i'm a line cook with a degree, i work at a resort, it has it's challenges. I traveled across the states to get here. What you retain from school is methods. What you practice depends on the kitchen you work. After you get your courage methods timing among other things down, it's all about taste and flavors. Work for the best, then run around a small but good mom and pop restaurant. 

 

 As far as traveling, try a getting a business visa. i've no experience and only read about them briefly, but if you can afford school, you can probably obtain a business visa to say, India.

 

I could be wrong, find your own path  ever washed dishes?

post #15 of 16

Melancholy,

 

Your dreams sound good, and very similar to mine 30 years ago.

 

 

 

Degree or not, it is the employer who hires.  If the employer wants a cook 6"4 with brown eyes and a dimpled chin, he/she will eventually get it.  If the employer wants "papers" and are willing to pay, they will get it.  Many employers are looking for some kind of paperwork, but there is no one "paper" or certificate the makes a cook.  Every school has their version, and every school has a different curriculum, textbooks and tests.

 

The Europeans don't really have  "Culinary schools", they have an apprenticeship system.  The apprentice is usually 15 when they start, work 4 days, and go 1 day per week to school. Usually for 3 years. This provides a balance of work experience and knowledge.

 

The culinary school system in N. America is a "front end loading" system.  The student is crammed full of knowledge but has very little time to apply this knowledge or to master the techniques shown during the course curriculum.  Unbalanced.

 

I really urge you to get a job in the kitchen--this means "underwater ceramics technician" (ie dish washer) maybe some prep, and if really lucky, cold stuff.  This will provide you with some real work experience before going into culinary school.  This is what I did, and many others on this board have done as well.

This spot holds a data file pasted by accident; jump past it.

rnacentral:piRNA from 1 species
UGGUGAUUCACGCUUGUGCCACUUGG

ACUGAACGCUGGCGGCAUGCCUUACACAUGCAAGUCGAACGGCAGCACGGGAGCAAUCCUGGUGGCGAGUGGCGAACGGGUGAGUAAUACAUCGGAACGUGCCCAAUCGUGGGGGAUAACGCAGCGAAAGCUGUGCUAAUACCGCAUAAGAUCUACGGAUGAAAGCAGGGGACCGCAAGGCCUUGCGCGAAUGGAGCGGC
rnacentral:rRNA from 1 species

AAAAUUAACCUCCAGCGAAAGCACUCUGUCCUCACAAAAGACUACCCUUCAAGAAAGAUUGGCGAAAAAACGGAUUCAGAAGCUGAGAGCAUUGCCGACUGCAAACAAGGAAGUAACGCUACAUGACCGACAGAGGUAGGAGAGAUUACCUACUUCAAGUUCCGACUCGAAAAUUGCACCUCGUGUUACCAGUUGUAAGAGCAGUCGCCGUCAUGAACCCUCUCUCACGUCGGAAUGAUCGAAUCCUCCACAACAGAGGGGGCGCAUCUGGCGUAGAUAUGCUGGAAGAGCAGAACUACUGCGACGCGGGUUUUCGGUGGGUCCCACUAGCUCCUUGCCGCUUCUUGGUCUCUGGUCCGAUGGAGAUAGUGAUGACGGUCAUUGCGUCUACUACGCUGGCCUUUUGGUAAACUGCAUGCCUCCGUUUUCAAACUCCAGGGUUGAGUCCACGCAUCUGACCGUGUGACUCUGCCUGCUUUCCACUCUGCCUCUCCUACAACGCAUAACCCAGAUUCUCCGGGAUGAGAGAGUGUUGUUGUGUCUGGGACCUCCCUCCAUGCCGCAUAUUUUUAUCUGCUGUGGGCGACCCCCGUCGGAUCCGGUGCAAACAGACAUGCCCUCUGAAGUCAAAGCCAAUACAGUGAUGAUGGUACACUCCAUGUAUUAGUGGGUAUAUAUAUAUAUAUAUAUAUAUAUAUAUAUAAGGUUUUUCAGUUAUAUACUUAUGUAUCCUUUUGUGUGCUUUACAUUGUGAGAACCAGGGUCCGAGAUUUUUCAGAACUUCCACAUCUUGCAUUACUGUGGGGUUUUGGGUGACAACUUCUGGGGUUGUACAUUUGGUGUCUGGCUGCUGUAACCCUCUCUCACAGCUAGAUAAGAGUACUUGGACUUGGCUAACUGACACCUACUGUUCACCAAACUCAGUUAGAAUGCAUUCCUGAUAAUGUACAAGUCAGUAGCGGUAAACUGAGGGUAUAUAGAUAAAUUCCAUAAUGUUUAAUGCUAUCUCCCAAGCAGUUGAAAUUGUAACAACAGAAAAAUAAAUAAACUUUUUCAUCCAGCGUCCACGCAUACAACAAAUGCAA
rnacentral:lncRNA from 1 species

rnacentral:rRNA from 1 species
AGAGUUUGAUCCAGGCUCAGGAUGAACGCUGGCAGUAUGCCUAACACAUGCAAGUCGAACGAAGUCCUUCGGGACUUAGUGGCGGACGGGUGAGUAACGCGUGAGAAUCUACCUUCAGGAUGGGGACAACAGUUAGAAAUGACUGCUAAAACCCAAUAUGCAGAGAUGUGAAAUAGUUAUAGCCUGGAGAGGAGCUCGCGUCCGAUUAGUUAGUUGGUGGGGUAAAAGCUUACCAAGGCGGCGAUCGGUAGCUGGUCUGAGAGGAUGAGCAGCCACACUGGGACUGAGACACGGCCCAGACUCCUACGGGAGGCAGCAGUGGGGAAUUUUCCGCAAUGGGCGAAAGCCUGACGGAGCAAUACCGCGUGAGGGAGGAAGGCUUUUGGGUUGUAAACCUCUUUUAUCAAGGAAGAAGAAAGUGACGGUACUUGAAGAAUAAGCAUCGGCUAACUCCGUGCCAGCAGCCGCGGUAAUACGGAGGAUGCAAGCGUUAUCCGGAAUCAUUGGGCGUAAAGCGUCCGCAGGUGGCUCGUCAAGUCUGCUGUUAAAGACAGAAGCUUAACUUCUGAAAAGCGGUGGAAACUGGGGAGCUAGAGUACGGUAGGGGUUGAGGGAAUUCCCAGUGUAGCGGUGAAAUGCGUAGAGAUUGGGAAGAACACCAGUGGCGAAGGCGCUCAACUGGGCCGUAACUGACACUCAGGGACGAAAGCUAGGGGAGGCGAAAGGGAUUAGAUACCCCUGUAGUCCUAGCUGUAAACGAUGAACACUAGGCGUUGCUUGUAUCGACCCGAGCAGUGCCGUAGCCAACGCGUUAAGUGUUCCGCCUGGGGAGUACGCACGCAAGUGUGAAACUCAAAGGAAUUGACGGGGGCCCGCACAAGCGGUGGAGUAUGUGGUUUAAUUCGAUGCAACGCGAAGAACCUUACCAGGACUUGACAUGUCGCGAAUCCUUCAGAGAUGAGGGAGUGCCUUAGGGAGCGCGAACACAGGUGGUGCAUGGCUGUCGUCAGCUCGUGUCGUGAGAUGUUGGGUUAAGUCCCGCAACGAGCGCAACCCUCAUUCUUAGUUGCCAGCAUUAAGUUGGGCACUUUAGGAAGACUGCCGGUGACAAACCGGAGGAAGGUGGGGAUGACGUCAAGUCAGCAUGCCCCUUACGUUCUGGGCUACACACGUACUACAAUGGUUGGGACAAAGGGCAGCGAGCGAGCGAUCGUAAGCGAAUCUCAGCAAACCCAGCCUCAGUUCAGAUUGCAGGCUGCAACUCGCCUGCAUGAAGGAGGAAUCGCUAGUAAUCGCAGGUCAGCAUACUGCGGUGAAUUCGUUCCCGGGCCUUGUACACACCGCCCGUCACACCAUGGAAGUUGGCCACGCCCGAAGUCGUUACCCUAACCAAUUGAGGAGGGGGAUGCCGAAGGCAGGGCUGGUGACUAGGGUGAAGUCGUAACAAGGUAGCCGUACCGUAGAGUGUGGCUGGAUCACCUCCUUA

Go to the most economical culinary school you can find.  This usually means a community college. 

 

You do need school, remember:

 

You will not learn everything you need to know from one employer--or even a dozen employers, your employers may show you a false technique or explain incorrectly ("sear the meat to lock the juices in"....)  Schools do not--or in any case should not.

 

Also remember that school is like a piggy bank--in that you can only take out what you have put in.  There is no bank interest or magic involved.  Many culinary school instructors (big name or not) can tell tales of students not willing to put any effort into the course curriculum. 

 

Hope this helps, please show this post to your parents and school instructor

...."This whole reality thing is really not what I expected it would be"......
Reply
...."This whole reality thing is really not what I expected it would be"......
Reply
post #16 of 16

What's your opinion on how to say this to chefs/cooks? - Please don't fret. :) With the given population and opinions, thanks 4 caring,  --"You seem to be be very passionate about what you want. If so, please do not let others' negativite opinions change what FEELS RIGHT to you reflect on your will to do something you enjoy! BE HAPPY, LIVE LIFE!!! :) And if you love to cook, I may want to experience that meal at some time in the future!"   Just saw & love some opinions! Gr8 luck 2 u!

New Posts  All Forums:Forum Nav:
  Return Home
  Back to Forum: Professional Chefs
ChefTalk.com › ChefTalk Cooking Forums › Professional Food Service › Professional Chefs › Culinary School do I really need it?